When Ben Bessler graduated with an accounting degree from Northern Kentucky University, he didn't expect his work would one day have him shoveling dirt and food scraps in his parents' backyard. But what began as a hobby at home has grown into a budding business addressing an environmental challenge alongside an emerging consumer demand.
"My wife and I were trying to compost in Park Hills, and we realized that it was kind of inconvenient to take our food outside to the compost bin every day, and then at the end of the week take it out to the garden," he told WCPO. "We thought, maybe there's a convenient way we can get people composting and make it easy and affordable."
Along with his wife, his brother and a family friend, Bessler co-founded Local Compost in 2018. Now with more than 50 weekly customers and counting, the team collects clients' food waste, composts it, and either returns the nutrient-rich soil back to the customer or sells it to local farms and community gardens. Earlier this year, Bessler hired the company's first full-time employee.
Megan Clere works with Boone County Solid Waste and Recycling and is a board member with Keep Covington Beautiful, a nonprofit that — among other projects — provides support for a number of community gardens and urban farms throughout the city.
She said if composting became more mainstream, especially among city-dwellers, the positive impact on the environment could be substantial.
"When you put food waste into a landfill, it doesn't decompose properly," she said. "It's not going to release those nutrients and basically turn back into dirt like it should naturally. It can cause the soil and water to be a little more acidic. It can release methane and carbon dioxide, which are both greenhouse gases."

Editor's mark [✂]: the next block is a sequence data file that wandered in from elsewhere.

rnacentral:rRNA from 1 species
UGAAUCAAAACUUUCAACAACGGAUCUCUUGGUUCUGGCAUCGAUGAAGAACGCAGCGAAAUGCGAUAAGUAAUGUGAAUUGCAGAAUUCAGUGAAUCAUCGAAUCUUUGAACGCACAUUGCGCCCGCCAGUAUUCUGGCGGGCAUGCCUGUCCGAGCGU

According to the Environmental Protection Agency, more than 20% of solid waste collected from U.S. cities is food waste.
Repurposing that food waste — and the compost it creates — makes it possible for Covington urban gardener and farmer Brian Goessling to manage his thriving community gardens. Redden Gardens on Scott Boulevard in Covington boasts dozens of raised beds alongside a chicken coop and a honeybee habitat.
Goessling said the challenge with making composting go mainstream comes down to space, just like it does with urban farming.
"You're going to create a whole lot of soil, so where do you put that? I think a lot of people are worried, even if they have a backyard or outdoor space, that maybe animals or the smell would be so horrible, and I think that's what, maybe, kept a lot of people from adopting it," he said. "That's where community gardens or farms come in."
Bessler hopes that's where Local Compost comes in, too.
"Our target market is definitely more of an urban area – people who are green-minded, want to do what's right for the earth, who want to be recycling, who want to be composting, but they may not have backyards or they may not have the time to maintain a compost pile," he said.
As his business grows, Bessler said, he hopes to engage food manufacturers and government agencies to save larger-scale stocks of food waste from the landfill.
The ultimate goal is to create a "circular economy" in the local food market.
"Food comes from the farms" in that kind of system, Bessler said. "It goes to the people. The waste goes back to the farms and then, in turn, replenishes the food, and it's a big circle."